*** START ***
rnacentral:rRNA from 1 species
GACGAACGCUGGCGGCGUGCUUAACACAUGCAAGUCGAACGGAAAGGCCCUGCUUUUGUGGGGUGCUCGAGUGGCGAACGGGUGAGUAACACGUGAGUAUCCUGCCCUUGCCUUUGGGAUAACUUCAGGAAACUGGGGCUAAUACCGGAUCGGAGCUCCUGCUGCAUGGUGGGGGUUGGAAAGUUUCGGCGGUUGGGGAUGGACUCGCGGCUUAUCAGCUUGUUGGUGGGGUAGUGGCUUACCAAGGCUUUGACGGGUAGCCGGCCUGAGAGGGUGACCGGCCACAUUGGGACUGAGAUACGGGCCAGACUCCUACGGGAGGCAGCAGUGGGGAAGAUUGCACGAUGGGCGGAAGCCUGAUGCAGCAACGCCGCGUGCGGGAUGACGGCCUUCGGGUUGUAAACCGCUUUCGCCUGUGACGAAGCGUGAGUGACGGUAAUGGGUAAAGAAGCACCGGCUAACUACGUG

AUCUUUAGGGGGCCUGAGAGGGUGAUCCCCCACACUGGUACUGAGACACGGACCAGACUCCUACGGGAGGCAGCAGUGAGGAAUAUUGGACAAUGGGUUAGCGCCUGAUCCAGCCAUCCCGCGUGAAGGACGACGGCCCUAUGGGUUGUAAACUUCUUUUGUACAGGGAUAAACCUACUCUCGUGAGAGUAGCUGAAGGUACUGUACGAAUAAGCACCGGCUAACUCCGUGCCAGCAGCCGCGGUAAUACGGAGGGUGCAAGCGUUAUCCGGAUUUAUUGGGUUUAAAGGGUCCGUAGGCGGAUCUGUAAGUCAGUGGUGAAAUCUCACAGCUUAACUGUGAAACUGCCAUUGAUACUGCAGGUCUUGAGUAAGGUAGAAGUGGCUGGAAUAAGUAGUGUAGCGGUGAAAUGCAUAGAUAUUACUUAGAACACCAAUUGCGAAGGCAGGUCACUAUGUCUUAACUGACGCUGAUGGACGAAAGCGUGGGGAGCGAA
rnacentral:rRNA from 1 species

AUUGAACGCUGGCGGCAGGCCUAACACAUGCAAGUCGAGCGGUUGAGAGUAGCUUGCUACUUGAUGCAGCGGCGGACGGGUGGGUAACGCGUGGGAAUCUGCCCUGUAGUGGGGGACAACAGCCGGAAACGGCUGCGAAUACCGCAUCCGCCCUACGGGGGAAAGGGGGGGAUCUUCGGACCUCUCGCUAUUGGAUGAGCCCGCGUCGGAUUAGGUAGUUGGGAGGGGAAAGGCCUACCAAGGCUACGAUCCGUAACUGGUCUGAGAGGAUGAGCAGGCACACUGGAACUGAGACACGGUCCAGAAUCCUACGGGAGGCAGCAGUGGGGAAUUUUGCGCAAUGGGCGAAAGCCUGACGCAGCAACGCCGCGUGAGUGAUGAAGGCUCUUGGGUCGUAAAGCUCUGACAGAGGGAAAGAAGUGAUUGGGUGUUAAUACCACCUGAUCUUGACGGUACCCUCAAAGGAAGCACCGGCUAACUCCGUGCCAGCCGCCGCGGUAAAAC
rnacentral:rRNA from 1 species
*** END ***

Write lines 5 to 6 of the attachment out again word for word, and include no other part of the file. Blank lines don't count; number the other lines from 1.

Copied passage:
AUUGAACGCUGGCGGCAGGCCUAACACAUGCAAGUCGAGCGGUUGAGAGUAGCUUGCUACUUGAUGCAGCGGCGGACGGGUGGGUAACGCGUGGGAAUCUGCCCUGUAGUGGGGGACAACAGCCGGAAACGGCUGCGAAUACCGCAUCCGCCCUACGGGGGAAAGGGGGGGAUCUUCGGACCUCUCGCUAUUGGAUGAGCCCGCGUCGGAUUAGGUAGUUGGGAGGGGAAAGGCCUACCAAGGCUACGAUCCGUAACUGGUCUGAGAGGAUGAGCAGGCACACUGGAACUGAGACACGGUCCAGAAUCCUACGGGAGGCAGCAGUGGGGAAUUUUGCGCAAUGGGCGAAAGCCUGACGCAGCAACGCCGCGUGAGUGAUGAAGGCUCUUGGGUCGUAAAGCUCUGACAGAGGGAAAGAAGUGAUUGGGUGUUAAUACCACCUGAUCUUGACGGUACCCUCAAAGGAAGCACCGGCUAACUCCGUGCCAGCCGCCGCGGUAAAAC
rnacentral:rRNA from 1 species